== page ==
March 21, 2019
Climate change is contributing to increasing losses from floods and wildfires in many parts of the United States. These disasters have an important feature in common: their likelihood of occurrence and potential damages vary significantly across the landscape, with some areas at much higher risk than others. For example, barrier islands are more susceptible to coastal flooding, just as certain landscapes are much more susceptible to wildfire. These risky areas also tend to be high in amenities, often providing beautiful scenery and access to attractive recreational opportunities, which spur development. Development may be inefficiently high, however, since it is subsidized by government spending on infrastructure, utilities, and disaster aid when floods or fires occur. These areas also often benefit from federal or state disaster insurance when the private sector is unwilling to provide coverage at affordable prices given the risk.
In the early 1980s, Congress reduced the subsidies in coastal areas when it passed the Coastal Barrier Resources Act (CBRA). The CBRA prohibits federal financial assistance of any kind related to new development in designated coastal barrier areas. This forces private actors to bear the full costs of development. Could a similar approach be used to address escalating wildfire costs? Could Congress designate a “High Wildfire Hazard Resources System” to eliminate federal incentives to develop those lands?
The Coastal Barrier Resources System
The purpose of the CBRA, which was sponsored by two Republican members of Congress—Senator John Chaffee of Rhode Island and Representative Thomas Evans of Delaware—was to “minimize the loss of human life, wasteful expenditure of Federal revenues, and the damage to fish, wildlife, and other natural resources” along the coast. The CBRA defines a Coastal Barrier Resources System (CBRS) within which federal funding for new roads, bridges, utilities, and other infrastructure, federal spending through post-storm disaster relief, and flood insurance under the federally-run National Flood Insurance Program (NFIP) are banned.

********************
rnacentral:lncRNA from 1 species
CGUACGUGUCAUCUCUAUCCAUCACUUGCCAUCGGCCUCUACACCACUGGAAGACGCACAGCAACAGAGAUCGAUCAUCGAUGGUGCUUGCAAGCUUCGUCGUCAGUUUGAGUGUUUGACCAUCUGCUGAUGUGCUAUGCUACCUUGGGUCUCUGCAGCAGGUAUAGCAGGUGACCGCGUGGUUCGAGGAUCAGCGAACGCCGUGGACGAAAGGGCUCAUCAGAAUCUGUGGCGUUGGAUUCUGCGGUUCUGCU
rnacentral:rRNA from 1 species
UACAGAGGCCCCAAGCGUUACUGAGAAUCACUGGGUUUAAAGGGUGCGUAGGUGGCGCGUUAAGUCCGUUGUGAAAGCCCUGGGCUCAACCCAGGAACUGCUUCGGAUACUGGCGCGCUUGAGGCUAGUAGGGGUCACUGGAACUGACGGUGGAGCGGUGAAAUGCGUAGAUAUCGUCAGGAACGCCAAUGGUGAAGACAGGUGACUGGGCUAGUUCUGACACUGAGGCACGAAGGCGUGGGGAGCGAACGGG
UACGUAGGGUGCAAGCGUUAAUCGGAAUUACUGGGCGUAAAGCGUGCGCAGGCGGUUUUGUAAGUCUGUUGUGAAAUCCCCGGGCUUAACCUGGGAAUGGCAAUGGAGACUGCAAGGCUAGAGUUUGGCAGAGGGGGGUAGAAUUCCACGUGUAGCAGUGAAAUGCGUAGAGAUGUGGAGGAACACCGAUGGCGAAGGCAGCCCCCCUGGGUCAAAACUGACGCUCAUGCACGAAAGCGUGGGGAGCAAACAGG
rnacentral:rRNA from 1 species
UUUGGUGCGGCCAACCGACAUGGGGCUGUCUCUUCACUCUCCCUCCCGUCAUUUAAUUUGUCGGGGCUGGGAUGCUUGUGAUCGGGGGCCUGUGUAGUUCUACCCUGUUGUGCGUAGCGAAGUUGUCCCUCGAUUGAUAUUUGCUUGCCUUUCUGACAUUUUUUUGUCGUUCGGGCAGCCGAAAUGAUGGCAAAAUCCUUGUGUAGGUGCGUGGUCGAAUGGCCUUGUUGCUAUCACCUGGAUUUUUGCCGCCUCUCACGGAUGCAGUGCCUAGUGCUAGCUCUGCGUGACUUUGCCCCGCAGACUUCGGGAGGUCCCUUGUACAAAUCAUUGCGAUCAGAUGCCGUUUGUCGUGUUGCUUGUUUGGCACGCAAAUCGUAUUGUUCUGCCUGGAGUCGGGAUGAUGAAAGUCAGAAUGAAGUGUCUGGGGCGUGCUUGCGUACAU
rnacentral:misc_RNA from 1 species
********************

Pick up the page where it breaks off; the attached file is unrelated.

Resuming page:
The act stated that the CBRS was to be made up of “undeveloped” (fewer than one structure per acre) coastal barriers and other areas located along the Atlantic and Gulf Coasts as identified and mapped by the US Fish and Wildlife Service (FWS), the agency that manages the program. Every five years, the FWS is mandated to review the maps and, in consultation with state and local officials, may recommend modifications to the boundaries based on natural forces that have changed the lands. In January 2019, Congress passed an amendment that added 17,000 new acres, but also removed some units from the system. Currently there are 3.5 million acres of land in the CBRS, 40 percent of which are private lands and 60 percent natural areas owned by conservation organizations and government agencies.
By most accounts, the prohibition on new flood insurance policies and federal spending on infrastructure, utilities, and disaster aid has been a significant deterrent to new development. Homebuyers cannot get a mortgage without proof of insurance and a private insurance policy in these high-risk areas can cost several times what a policy from the NFIP would cost in a non-CBRS coastal zone. A 2007 study by the Government Accountability Office estimated that 84 percent of CBRS units remained undeveloped and of those that had seen development, the number of new structures was low. The law does not expressly prohibit development on private lands in the CBRS areas and in some high-amenity locations with strong real estate markets, persistent and deep-pocketed developers, and relatively weak state and local coastal land use regulations, development in the CBRS has occurred. Nonetheless, a recent study estimated that the law saved taxpayers $9.5 billion (in 2016 dollars) between 1989 and 2013.
A High Wildfire Hazard Resources System: Would it Work?